A new multistate project will bring together researchers from the University of Georgia and partner universities to fight Alternaria leaf blight and head rot in broccoli, a plant disease that thrives in warm temperatures and humidity.
The U.S. Department of Agriculture’s National Institute of Food and Agriculture awarded a $2.7 million Specialty Crop Research Initiative (SCRI) grant to UGA College of Agricultural and Environmental Sciences faculty to study the Alternaria pathogens’ biology, population structure and fungicide resistance.
Due to developing fungicide resistance, Alternaria blight and head rot have severely impacted brassica production, according to Bhabesh Dutta, an associate professor of plant pathology and UGA Cooperative Extension vegetable disease specialist who is leading the multistate project.
The team's research will build on previous surveillance work done in finding fungicide alternatives. Previous efforts to limit losses in fields have not been successful, possibly as a result of recent shifts in pathogen population and increasing resistance against fungicides.
The disease is a long-term threat that affects all brassica crops, which include cabbage, collards, kale and mustard greens. The fungus causes water-soaked spots on the head of the vegetable and dark, sooty, circular spots whose centers can fall out, leaving a shot-hole appearance.
The team of research and extension faculty will work to triangulate the disease by characterizing the pathogen or pathogens, host and environment. They will also develop diagnostic tools for identifying Alternaria sp., screen commercial varieties, and evaluate production practices including nitrogen levels and irrigation, which is how the disease spreads. The team will use what they learn to conduct economic assessments.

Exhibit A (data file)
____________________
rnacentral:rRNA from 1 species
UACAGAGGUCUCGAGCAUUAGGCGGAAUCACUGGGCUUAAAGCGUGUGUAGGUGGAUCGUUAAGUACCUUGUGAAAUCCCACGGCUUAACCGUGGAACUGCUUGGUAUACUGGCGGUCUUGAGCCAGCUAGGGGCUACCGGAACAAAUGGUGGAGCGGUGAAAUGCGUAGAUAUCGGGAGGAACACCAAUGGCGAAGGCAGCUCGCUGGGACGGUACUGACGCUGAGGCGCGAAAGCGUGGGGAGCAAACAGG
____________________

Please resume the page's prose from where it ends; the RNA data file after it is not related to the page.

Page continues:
“The ultimate goal is to give a practical management option to stakeholders, ultimately limiting losses to this disease,” said Dutta.
Broccoli is a high-value crop that can be affected by a number of diseases. Head rot has been a particular concern in Georgia since late 2015, but it has been reported up the East Coast since 2013. Economic losses of up to 20% have been reported in some cases.
“Growers tend to overuse fungicides that are effective and, more often, that leads to the development of resistance,” explained Dutta. “Efforts to limit losses in fields and storage have not been successful, likely due to recent shifts in pathogen population and potential resistance development to ‘Quinone outside inhibitor (QoI)’ fungicides. This project will aid in developing molecular diagnostic tools for detecting QoI resistance in Alternaria, understanding the population structure of the pathogens, and developing management strategies that will reduce losses in broccoli across the production chain, maximizing productivity and profitability.”
Other UGA faculty members working on the grant are Pingsheng Ji, professor of vegetable diseases and applied microbiology; Andre da Silva, assistant professor of horticulture and Extension vegetable specialist; Tim Coolong, professor of horticulture; and Greg Colson, associate professor of agricultural and applied economics. Researchers from Virginia Tech, Cornell University and University of Nebraska-Lincoln will collaborate with the group.
An advisory panel of industry professionals, growers and other experts will provide guidance to the project, reinforcing the Eastern U.S. brassica industry as a team.
The production of brassica crops is a profitable industry for Georgia farmers. According to the UGA Center for Agribusiness and Economic Development, the state farm gate value for cabbage alone was nearly $42 million in 2018. Colquitt County is the largest producer of brassicas in the state, followed by nearby counties including Thomas, Grady, Echols and Tift.
For more information on the UGA Department of Plant Pathology, visit plantpath.caes.uga.edu.